Arts cuts could cause ‘creativity crisis’ in schools

Labour has warned that schools in England face a ‘creativity crisis’ with the number of creative arts students and teachers down by as much as a fifth in some subjects.

According to the opposition party, pupils’ engagement in the creative arts is considered by many to be a key factor in their recovery from the pandemic yet specific government funding for music, arts and cultural programmes will equate to just £9.40 per pupil this year.

Labour analysis of government data shows that the number of GCSE music and drama students has fallen by a fifth over the last decade. Additionally, one in seven music teachers and one in eight art and design teachers have left the profession.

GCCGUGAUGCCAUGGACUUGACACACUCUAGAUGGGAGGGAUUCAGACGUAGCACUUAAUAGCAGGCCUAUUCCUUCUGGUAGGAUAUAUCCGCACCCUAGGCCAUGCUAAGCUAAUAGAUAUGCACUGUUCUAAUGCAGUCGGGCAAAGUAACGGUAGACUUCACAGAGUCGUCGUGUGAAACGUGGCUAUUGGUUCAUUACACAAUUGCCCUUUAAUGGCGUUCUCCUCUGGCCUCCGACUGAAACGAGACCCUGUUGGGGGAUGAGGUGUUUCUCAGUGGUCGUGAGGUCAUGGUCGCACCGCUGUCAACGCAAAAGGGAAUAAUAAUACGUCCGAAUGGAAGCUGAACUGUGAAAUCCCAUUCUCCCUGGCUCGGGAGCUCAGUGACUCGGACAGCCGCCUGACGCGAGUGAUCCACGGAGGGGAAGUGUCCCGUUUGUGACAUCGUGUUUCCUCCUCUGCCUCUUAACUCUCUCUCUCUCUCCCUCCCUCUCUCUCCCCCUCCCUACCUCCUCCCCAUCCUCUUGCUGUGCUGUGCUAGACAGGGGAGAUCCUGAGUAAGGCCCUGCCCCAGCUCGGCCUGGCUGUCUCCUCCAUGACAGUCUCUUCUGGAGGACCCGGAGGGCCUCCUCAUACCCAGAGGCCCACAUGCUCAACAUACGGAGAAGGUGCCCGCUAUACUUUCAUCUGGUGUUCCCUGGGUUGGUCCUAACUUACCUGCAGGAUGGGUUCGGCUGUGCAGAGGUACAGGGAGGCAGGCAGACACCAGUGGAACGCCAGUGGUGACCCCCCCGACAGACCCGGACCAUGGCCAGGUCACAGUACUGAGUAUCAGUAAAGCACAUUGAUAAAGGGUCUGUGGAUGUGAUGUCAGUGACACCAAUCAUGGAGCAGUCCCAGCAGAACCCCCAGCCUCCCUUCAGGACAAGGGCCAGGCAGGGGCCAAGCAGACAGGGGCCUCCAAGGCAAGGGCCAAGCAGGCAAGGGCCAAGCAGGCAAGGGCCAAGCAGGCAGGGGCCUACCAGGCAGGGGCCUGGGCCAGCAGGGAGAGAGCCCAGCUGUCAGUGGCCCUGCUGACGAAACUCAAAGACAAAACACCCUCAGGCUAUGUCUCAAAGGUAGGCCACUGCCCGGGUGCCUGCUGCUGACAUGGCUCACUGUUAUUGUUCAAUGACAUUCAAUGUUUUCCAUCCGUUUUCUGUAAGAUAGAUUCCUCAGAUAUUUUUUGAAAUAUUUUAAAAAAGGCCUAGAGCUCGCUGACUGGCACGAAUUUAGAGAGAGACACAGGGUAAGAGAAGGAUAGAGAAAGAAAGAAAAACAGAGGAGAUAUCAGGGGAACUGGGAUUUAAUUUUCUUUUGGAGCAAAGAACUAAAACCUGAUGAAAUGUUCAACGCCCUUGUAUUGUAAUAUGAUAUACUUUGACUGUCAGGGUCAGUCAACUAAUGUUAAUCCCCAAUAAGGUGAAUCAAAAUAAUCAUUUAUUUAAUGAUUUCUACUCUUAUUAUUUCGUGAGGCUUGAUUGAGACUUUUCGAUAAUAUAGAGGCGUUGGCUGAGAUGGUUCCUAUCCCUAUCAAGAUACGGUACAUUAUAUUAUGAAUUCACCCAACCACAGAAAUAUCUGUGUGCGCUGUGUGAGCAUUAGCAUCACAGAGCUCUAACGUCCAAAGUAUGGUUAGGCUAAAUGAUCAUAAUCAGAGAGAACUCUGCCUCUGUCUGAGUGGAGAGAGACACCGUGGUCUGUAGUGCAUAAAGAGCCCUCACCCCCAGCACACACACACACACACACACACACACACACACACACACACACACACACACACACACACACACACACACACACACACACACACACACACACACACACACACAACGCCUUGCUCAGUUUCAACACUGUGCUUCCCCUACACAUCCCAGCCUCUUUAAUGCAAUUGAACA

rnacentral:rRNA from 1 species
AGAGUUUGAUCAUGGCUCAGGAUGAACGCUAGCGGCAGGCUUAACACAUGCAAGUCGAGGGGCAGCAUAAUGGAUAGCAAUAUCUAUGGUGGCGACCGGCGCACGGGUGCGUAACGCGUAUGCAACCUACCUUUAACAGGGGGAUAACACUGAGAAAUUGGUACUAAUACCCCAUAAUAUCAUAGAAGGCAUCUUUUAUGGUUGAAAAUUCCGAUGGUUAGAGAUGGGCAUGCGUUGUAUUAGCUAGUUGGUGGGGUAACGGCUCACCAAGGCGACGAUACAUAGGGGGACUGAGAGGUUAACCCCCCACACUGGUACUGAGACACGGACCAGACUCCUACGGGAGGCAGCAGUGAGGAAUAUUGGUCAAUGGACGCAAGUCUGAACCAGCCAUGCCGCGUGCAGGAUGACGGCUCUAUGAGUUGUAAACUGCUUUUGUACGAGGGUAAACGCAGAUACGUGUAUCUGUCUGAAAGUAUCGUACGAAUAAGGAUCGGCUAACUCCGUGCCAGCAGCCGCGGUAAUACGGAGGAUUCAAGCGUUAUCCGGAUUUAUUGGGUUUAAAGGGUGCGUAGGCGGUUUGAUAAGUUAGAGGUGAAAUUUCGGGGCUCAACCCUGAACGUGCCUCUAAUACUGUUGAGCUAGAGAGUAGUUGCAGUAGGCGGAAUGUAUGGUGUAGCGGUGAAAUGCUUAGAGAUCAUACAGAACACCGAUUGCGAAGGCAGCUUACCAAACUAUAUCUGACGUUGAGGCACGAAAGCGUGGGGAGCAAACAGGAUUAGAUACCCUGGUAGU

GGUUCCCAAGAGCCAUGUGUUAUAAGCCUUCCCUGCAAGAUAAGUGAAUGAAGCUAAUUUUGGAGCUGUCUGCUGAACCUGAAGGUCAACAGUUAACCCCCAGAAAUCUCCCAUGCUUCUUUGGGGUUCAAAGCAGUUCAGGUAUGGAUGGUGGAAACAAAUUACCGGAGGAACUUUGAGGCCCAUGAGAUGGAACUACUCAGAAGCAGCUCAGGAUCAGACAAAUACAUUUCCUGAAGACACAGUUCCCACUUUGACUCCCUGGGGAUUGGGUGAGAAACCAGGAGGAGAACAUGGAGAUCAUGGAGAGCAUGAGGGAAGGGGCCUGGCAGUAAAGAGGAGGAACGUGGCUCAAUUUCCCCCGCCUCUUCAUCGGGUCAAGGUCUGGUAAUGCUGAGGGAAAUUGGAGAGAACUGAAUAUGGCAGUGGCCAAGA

Peter Kyle, Labour’s Shadow Schools Minister, said that the government’s refusal to back school arts threatened children’s recovery from the pandemic and the country’s future prosperity.

He said: “Parents across the country want their kids to thrive and to bounce back stronger than ever from this pandemic. Pupils want to draw, act and sing – and through doing that, they’ll make friends and develop their creativity.

“After a decade of failure on school arts, the Conservatives are out of step with parents’ priorities. Labour is calling on ministers to back our children’s recovery plan, and fund the activities all children need to learn, play and develop. Our kids, as well as the economy of tomorrow, can’t wait.”

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